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Gut. 1993;34(2 Suppl):S74-6.

Biological basis for the clinical use of interferon.

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  • 1Institute of Virology, University La Sapienza, Rome, Italy.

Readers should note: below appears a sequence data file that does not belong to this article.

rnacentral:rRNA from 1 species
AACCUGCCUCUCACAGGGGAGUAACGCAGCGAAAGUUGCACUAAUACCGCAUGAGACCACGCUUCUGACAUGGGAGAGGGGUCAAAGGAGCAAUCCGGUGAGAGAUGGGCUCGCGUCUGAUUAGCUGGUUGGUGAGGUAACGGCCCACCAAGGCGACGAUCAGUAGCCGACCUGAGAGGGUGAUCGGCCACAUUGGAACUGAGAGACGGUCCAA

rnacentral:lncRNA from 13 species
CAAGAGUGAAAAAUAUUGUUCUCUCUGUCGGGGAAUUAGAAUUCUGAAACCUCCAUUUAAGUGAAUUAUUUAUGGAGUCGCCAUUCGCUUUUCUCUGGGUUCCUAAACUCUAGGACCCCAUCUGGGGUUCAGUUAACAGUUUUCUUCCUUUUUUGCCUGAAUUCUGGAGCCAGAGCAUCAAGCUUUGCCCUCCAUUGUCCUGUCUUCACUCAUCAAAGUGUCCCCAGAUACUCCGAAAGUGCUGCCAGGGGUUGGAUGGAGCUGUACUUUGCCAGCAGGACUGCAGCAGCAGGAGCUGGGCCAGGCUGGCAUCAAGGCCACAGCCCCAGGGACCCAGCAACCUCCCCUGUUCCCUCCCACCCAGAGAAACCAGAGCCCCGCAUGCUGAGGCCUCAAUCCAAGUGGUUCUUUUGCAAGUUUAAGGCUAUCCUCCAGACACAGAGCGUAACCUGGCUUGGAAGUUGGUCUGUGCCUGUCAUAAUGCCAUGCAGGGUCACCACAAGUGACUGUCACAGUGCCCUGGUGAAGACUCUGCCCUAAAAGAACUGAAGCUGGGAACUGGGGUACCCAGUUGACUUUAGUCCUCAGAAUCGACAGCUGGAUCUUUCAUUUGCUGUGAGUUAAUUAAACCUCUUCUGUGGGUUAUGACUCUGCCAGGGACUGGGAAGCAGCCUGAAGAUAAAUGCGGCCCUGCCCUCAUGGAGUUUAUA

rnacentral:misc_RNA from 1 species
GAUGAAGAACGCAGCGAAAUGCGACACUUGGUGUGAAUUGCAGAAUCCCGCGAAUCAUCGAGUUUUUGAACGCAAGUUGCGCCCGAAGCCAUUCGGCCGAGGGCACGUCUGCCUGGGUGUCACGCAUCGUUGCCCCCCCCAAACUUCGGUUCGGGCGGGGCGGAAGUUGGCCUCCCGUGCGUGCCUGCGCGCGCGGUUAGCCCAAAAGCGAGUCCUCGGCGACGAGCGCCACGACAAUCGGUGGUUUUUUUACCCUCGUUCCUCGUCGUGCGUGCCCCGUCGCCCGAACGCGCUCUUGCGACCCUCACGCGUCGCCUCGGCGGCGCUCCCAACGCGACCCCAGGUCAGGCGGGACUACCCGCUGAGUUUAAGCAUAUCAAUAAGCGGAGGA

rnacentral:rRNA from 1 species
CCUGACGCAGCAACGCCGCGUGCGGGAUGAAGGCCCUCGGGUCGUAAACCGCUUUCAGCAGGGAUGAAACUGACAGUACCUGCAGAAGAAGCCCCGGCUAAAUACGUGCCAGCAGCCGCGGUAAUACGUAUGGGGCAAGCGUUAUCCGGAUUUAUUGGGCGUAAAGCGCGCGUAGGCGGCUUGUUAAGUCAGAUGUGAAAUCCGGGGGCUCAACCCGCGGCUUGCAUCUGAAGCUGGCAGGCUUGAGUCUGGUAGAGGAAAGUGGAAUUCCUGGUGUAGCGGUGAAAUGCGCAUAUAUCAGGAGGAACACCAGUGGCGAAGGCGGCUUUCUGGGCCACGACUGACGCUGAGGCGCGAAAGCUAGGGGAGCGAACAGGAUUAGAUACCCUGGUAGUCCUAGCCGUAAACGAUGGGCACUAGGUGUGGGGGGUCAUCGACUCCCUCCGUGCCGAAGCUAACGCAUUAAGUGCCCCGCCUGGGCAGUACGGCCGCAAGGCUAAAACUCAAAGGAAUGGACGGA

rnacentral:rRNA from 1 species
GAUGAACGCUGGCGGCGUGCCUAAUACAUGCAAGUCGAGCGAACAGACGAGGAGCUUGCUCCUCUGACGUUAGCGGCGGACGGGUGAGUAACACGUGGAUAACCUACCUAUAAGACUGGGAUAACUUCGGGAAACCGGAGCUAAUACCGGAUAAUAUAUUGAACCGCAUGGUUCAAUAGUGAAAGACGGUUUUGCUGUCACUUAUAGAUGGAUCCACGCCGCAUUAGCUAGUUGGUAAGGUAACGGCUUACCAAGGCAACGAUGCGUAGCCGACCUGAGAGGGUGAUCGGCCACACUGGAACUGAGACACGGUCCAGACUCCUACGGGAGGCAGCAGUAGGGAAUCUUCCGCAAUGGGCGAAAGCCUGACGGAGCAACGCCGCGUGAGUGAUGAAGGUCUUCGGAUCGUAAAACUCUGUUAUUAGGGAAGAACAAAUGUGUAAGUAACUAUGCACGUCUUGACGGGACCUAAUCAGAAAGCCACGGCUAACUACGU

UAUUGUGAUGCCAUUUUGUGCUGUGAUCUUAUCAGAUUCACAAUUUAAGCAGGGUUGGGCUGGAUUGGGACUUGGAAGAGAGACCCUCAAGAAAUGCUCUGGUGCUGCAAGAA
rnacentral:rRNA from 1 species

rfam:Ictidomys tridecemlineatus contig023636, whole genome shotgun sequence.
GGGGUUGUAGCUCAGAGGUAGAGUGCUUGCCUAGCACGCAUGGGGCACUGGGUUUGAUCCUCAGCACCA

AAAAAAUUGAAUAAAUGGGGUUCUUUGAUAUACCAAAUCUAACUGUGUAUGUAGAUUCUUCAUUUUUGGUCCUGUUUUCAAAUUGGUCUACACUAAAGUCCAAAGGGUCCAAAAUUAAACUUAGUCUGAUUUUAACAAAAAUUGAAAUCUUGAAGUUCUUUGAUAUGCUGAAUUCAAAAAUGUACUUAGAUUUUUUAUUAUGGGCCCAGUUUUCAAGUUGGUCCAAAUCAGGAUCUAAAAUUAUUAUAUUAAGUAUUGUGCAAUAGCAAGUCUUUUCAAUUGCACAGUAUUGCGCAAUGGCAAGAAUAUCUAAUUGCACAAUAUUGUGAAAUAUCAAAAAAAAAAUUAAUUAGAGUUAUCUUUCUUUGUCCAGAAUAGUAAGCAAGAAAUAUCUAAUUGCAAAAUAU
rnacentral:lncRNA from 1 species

Interferons are proteins produced by certain cells in response to stimuli such as foreign cells (including tumour cells), bacteria, and viral antigens. They interact both with the interferon producing cells and other cells through production of effector proteins. There are three main types of interferons, known as alpha, beta, and gamma, which have direct antiviral and immunomodulatory effects. Antiviral effects may include inhibition of viral replication, protein synthesis, maturation, or release from infected cells. Immunomodulating effects may include enhancement of macrophage, cytotoxic T cell, and natural killer cell activity. In chronic viral hepatitis, the precise mechanisms of action of alpha interferon are not yet certain. Patients with chronic hepatitis B, however, have been shown to lack endogenous interferon production; those who respond to alpha interferon treatment show a characteristic peak in serum amino-transferase activity before resolution of the infection, indicating an immune reaction. In chronic hepatitis C, the antiviral effect may be more important; patients who respond to alpha interferon tend to have higher values of 2'5' oligo adenylate synthetase, an enzyme induced by interferons that breaks down viral RNA. The clinical relevance of anti-interferon neutralising antibodies produced by some patients during interferon treatment has yet to be firmly established.

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